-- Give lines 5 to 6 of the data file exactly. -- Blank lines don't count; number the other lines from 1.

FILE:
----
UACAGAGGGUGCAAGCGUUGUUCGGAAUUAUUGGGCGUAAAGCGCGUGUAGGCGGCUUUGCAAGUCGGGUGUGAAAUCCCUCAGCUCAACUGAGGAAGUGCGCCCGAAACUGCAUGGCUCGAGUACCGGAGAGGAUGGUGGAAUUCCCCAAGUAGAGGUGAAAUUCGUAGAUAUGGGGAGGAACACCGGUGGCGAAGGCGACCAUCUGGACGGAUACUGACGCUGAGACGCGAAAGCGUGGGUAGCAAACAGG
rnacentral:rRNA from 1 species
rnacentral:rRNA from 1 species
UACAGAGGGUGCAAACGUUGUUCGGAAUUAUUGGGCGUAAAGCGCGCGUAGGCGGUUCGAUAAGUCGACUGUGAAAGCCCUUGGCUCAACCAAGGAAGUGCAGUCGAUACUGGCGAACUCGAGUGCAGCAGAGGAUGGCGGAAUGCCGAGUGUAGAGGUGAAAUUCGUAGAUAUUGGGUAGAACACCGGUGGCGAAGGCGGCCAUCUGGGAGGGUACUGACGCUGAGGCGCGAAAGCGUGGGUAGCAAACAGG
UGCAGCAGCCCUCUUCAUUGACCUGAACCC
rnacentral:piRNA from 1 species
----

UGCAGCAGCCCUCUUCAUUGACCUGAACCC
rnacentral:piRNA from 1 species